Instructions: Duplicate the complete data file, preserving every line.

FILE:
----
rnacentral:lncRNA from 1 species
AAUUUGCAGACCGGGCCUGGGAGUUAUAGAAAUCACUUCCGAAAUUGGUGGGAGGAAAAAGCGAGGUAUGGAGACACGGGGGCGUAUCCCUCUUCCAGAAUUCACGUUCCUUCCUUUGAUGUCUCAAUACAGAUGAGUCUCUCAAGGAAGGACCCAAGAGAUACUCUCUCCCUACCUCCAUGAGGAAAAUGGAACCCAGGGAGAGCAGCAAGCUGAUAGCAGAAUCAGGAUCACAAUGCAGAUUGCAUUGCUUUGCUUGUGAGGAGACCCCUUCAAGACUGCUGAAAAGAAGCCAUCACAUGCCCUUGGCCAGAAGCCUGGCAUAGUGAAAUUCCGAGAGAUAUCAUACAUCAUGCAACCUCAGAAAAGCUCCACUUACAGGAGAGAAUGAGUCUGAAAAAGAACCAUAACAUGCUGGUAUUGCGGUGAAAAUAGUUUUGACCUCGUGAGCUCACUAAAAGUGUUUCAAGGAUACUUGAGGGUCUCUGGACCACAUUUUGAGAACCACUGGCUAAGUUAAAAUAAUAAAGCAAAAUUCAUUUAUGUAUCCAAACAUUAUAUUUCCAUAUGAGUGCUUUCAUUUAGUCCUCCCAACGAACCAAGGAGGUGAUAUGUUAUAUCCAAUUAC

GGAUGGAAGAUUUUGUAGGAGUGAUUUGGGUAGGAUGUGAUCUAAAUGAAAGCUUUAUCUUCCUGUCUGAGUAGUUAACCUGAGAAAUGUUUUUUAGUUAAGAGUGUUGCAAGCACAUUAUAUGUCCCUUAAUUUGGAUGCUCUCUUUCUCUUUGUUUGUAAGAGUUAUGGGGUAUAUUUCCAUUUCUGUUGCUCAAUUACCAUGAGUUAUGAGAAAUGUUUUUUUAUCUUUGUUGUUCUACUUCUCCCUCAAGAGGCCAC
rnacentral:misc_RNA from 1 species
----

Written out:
rnacentral:lncRNA from 1 species
AAUUUGCAGACCGGGCCUGGGAGUUAUAGAAAUCACUUCCGAAAUUGGUGGGAGGAAAAAGCGAGGUAUGGAGACACGGGGGCGUAUCCCUCUUCCAGAAUUCACGUUCCUUCCUUUGAUGUCUCAAUACAGAUGAGUCUCUCAAGGAAGGACCCAAGAGAUACUCUCUCCCUACCUCCAUGAGGAAAAUGGAACCCAGGGAGAGCAGCAAGCUGAUAGCAGAAUCAGGAUCACAAUGCAGAUUGCAUUGCUUUGCUUGUGAGGAGACCCCUUCAAGACUGCUGAAAAGAAGCCAUCACAUGCCCUUGGCCAGAAGCCUGGCAUAGUGAAAUUCCGAGAGAUAUCAUACAUCAUGCAACCUCAGAAAAGCUCCACUUACAGGAGAGAAUGAGUCUGAAAAAGAACCAUAACAUGCUGGUAUUGCGGUGAAAAUAGUUUUGACCUCGUGAGCUCACUAAAAGUGUUUCAAGGAUACUUGAGGGUCUCUGGACCACAUUUUGAGAACCACUGGCUAAGUUAAAAUAAUAAAGCAAAAUUCAUUUAUGUAUCCAAACAUUAUAUUUCCAUAUGAGUGCUUUCAUUUAGUCCUCCCAACGAACCAAGGAGGUGAUAUGUUAUAUCCAAUUAC

GGAUGGAAGAUUUUGUAGGAGUGAUUUGGGUAGGAUGUGAUCUAAAUGAAAGCUUUAUCUUCCUGUCUGAGUAGUUAACCUGAGAAAUGUUUUUUAGUUAAGAGUGUUGCAAGCACAUUAUAUGUCCCUUAAUUUGGAUGCUCUCUUUCUCUUUGUUUGUAAGAGUUAUGGGGUAUAUUUCCAUUUCUGUUGCUCAAUUACCAUGAGUUAUGAGAAAUGUUUUUUUAUCUUUGUUGUUCUACUUCUCCCUCAAGAGGCCAC
rnacentral:misc_RNA from 1 species